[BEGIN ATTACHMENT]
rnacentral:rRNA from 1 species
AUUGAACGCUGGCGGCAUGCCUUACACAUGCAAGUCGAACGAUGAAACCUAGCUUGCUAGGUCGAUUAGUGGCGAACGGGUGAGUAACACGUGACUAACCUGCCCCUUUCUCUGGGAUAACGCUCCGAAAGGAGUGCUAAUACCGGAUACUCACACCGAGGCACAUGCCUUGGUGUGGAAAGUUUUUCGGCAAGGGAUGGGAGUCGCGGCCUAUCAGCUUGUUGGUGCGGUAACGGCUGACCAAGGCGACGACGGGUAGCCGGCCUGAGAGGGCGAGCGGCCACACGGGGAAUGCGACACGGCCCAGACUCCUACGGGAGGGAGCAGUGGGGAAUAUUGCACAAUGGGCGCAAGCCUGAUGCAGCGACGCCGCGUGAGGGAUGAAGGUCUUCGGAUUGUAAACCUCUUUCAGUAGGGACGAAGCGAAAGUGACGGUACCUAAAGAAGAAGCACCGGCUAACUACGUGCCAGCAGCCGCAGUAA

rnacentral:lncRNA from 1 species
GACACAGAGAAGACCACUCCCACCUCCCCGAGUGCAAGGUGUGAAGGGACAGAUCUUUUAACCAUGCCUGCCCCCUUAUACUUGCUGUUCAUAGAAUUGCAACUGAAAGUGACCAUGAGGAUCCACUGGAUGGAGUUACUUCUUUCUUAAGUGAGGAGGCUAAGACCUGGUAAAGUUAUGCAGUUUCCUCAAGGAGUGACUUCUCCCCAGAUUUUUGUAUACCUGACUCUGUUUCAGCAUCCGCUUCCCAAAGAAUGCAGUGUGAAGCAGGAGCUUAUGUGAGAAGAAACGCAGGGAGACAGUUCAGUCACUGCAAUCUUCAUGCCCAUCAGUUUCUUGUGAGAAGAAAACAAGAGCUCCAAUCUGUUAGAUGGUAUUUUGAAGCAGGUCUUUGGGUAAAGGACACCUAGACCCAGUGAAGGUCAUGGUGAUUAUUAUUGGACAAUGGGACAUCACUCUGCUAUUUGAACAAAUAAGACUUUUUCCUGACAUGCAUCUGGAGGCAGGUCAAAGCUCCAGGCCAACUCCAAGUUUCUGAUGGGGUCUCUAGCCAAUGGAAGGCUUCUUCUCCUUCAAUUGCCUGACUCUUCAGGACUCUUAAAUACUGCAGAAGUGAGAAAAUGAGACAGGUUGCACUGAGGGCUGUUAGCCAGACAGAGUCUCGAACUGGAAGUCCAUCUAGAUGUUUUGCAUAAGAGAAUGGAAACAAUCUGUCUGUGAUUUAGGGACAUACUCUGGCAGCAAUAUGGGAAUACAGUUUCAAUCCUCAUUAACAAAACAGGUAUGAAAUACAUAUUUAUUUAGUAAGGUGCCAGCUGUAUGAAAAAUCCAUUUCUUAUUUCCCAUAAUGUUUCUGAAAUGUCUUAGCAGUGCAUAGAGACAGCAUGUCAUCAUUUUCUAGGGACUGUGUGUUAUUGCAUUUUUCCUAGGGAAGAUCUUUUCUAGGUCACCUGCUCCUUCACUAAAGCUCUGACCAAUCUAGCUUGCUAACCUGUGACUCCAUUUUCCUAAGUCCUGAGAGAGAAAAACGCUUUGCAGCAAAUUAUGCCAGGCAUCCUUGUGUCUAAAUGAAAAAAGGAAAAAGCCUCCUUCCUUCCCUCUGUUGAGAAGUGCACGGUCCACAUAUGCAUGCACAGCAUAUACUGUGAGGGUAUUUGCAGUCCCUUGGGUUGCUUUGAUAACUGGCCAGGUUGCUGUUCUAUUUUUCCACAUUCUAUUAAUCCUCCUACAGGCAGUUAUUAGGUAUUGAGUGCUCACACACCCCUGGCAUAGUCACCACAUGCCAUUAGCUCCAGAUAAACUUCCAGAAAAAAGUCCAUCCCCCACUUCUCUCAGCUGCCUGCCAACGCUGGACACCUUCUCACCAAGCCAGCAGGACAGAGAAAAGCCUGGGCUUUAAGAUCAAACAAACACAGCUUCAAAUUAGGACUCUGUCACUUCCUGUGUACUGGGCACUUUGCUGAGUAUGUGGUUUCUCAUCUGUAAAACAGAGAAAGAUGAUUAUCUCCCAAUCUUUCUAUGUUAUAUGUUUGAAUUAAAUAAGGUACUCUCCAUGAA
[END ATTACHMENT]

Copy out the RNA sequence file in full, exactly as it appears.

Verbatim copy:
rnacentral:rRNA from 1 species
AUUGAACGCUGGCGGCAUGCCUUACACAUGCAAGUCGAACGAUGAAACCUAGCUUGCUAGGUCGAUUAGUGGCGAACGGGUGAGUAACACGUGACUAACCUGCCCCUUUCUCUGGGAUAACGCUCCGAAAGGAGUGCUAAUACCGGAUACUCACACCGAGGCACAUGCCUUGGUGUGGAAAGUUUUUCGGCAAGGGAUGGGAGUCGCGGCCUAUCAGCUUGUUGGUGCGGUAACGGCUGACCAAGGCGACGACGGGUAGCCGGCCUGAGAGGGCGAGCGGCCACACGGGGAAUGCGACACGGCCCAGACUCCUACGGGAGGGAGCAGUGGGGAAUAUUGCACAAUGGGCGCAAGCCUGAUGCAGCGACGCCGCGUGAGGGAUGAAGGUCUUCGGAUUGUAAACCUCUUUCAGUAGGGACGAAGCGAAAGUGACGGUACCUAAAGAAGAAGCACCGGCUAACUACGUGCCAGCAGCCGCAGUAA

rnacentral:lncRNA from 1 species
GACACAGAGAAGACCACUCCCACCUCCCCGAGUGCAAGGUGUGAAGGGACAGAUCUUUUAACCAUGCCUGCCCCCUUAUACUUGCUGUUCAUAGAAUUGCAACUGAAAGUGACCAUGAGGAUCCACUGGAUGGAGUUACUUCUUUCUUAAGUGAGGAGGCUAAGACCUGGUAAAGUUAUGCAGUUUCCUCAAGGAGUGACUUCUCCCCAGAUUUUUGUAUACCUGACUCUGUUUCAGCAUCCGCUUCCCAAAGAAUGCAGUGUGAAGCAGGAGCUUAUGUGAGAAGAAACGCAGGGAGACAGUUCAGUCACUGCAAUCUUCAUGCCCAUCAGUUUCUUGUGAGAAGAAAACAAGAGCUCCAAUCUGUUAGAUGGUAUUUUGAAGCAGGUCUUUGGGUAAAGGACACCUAGACCCAGUGAAGGUCAUGGUGAUUAUUAUUGGACAAUGGGACAUCACUCUGCUAUUUGAACAAAUAAGACUUUUUCCUGACAUGCAUCUGGAGGCAGGUCAAAGCUCCAGGCCAACUCCAAGUUUCUGAUGGGGUCUCUAGCCAAUGGAAGGCUUCUUCUCCUUCAAUUGCCUGACUCUUCAGGACUCUUAAAUACUGCAGAAGUGAGAAAAUGAGACAGGUUGCACUGAGGGCUGUUAGCCAGACAGAGUCUCGAACUGGAAGUCCAUCUAGAUGUUUUGCAUAAGAGAAUGGAAACAAUCUGUCUGUGAUUUAGGGACAUACUCUGGCAGCAAUAUGGGAAUACAGUUUCAAUCCUCAUUAACAAAACAGGUAUGAAAUACAUAUUUAUUUAGUAAGGUGCCAGCUGUAUGAAAAAUCCAUUUCUUAUUUCCCAUAAUGUUUCUGAAAUGUCUUAGCAGUGCAUAGAGACAGCAUGUCAUCAUUUUCUAGGGACUGUGUGUUAUUGCAUUUUUCCUAGGGAAGAUCUUUUCUAGGUCACCUGCUCCUUCACUAAAGCUCUGACCAAUCUAGCUUGCUAACCUGUGACUCCAUUUUCCUAAGUCCUGAGAGAGAAAAACGCUUUGCAGCAAAUUAUGCCAGGCAUCCUUGUGUCUAAAUGAAAAAAGGAAAAAGCCUCCUUCCUUCCCUCUGUUGAGAAGUGCACGGUCCACAUAUGCAUGCACAGCAUAUACUGUGAGGGUAUUUGCAGUCCCUUGGGUUGCUUUGAUAACUGGCCAGGUUGCUGUUCUAUUUUUCCACAUUCUAUUAAUCCUCCUACAGGCAGUUAUUAGGUAUUGAGUGCUCACACACCCCUGGCAUAGUCACCACAUGCCAUUAGCUCCAGAUAAACUUCCAGAAAAAAGUCCAUCCCCCACUUCUCUCAGCUGCCUGCCAACGCUGGACACCUUCUCACCAAGCCAGCAGGACAGAGAAAAGCCUGGGCUUUAAGAUCAAACAAACACAGCUUCAAAUUAGGACUCUGUCACUUCCUGUGUACUGGGCACUUUGCUGAGUAUGUGGUUUCUCAUCUGUAAAACAGAGAAAGAUGAUUAUCUCCCAAUCUUUCUAUGUUAUAUGUUUGAAUUAAAUAAGGUACUCUCCAUGAA